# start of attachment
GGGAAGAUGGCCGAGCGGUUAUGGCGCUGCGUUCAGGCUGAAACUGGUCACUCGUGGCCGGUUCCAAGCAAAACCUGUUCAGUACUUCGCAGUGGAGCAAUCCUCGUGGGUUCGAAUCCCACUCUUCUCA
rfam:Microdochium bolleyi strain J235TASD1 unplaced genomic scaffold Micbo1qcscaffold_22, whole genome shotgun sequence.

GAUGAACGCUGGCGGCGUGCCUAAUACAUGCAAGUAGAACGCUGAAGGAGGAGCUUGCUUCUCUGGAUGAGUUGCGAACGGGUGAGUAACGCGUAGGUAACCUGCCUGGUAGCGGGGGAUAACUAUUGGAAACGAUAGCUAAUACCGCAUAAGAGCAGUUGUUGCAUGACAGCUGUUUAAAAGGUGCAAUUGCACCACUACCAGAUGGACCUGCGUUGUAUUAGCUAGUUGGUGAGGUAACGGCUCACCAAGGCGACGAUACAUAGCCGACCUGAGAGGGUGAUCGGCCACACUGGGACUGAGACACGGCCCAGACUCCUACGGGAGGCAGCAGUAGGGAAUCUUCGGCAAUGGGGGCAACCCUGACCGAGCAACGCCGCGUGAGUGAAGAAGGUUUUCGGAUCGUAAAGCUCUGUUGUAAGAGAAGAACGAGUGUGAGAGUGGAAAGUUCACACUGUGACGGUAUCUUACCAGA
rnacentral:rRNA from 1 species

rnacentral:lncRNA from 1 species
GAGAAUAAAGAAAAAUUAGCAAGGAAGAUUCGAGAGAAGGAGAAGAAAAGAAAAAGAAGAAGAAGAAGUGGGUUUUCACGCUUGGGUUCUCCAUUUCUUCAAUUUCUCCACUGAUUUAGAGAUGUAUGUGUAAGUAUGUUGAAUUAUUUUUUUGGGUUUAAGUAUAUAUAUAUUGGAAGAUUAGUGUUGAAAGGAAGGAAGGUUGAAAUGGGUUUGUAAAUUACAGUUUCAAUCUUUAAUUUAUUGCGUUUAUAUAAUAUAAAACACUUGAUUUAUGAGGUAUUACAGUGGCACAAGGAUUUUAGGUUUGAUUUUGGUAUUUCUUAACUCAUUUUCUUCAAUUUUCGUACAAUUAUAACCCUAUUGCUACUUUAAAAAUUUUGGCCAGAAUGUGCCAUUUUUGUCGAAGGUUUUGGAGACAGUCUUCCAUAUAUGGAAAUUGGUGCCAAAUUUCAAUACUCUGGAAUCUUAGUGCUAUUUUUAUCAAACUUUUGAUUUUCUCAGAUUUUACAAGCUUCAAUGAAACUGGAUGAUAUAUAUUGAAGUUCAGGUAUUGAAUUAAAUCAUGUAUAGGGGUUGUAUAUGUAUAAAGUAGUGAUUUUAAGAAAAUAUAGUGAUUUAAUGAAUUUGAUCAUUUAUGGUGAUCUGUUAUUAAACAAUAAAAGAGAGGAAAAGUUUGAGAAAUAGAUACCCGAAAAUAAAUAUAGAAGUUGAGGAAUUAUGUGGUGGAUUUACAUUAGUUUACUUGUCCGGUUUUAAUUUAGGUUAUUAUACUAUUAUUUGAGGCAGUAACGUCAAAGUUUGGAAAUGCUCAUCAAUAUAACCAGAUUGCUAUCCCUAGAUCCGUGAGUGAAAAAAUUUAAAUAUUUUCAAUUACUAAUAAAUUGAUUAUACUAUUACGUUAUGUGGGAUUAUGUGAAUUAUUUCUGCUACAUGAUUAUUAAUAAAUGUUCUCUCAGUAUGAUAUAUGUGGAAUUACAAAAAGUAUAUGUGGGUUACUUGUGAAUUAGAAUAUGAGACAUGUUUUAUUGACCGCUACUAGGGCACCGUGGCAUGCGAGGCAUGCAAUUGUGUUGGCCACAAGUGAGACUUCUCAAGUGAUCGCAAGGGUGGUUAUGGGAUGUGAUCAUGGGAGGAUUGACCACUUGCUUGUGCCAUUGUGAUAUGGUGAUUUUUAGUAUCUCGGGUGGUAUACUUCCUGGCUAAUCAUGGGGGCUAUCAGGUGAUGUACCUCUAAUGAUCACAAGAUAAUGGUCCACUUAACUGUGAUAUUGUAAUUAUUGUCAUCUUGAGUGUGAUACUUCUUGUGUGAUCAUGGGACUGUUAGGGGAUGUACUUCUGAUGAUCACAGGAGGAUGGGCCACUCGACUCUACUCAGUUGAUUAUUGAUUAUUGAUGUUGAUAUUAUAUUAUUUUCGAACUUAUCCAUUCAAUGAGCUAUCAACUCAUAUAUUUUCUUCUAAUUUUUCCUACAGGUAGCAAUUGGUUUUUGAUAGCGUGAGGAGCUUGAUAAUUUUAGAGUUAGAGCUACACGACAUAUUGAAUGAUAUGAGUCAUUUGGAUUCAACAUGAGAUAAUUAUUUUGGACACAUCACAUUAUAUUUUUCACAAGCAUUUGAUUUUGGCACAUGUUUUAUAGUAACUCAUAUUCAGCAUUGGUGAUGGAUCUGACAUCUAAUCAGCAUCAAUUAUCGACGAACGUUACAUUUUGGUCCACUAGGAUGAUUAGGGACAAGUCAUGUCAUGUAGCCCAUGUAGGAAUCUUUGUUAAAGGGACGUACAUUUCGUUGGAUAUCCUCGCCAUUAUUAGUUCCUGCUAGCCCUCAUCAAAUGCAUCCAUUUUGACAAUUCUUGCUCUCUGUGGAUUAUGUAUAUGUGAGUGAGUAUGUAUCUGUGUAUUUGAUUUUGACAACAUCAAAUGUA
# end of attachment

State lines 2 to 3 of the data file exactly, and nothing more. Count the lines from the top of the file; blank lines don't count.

rfam:Microdochium bolleyi strain J235TASD1 unplaced genomic scaffold Micbo1qcscaffold_22, whole genome shotgun sequence.

GAUGAACGCUGGCGGCGUGCCUAAUACAUGCAAGUAGAACGCUGAAGGAGGAGCUUGCUUCUCUGGAUGAGUUGCGAACGGGUGAGUAACGCGUAGGUAACCUGCCUGGUAGCGGGGGAUAACUAUUGGAAACGAUAGCUAAUACCGCAUAAGAGCAGUUGUUGCAUGACAGCUGUUUAAAAGGUGCAAUUGCACCACUACCAGAUGGACCUGCGUUGUAUUAGCUAGUUGGUGAGGUAACGGCUCACCAAGGCGACGAUACAUAGCCGACCUGAGAGGGUGAUCGGCCACACUGGGACUGAGACACGGCCCAGACUCCUACGGGAGGCAGCAGUAGGGAAUCUUCGGCAAUGGGGGCAACCCUGACCGAGCAACGCCGCGUGAGUGAAGAAGGUUUUCGGAUCGUAAAGCUCUGUUGUAAGAGAAGAACGAGUGUGAGAGUGGAAAGUUCACACUGUGACGGUAUCUUACCAGA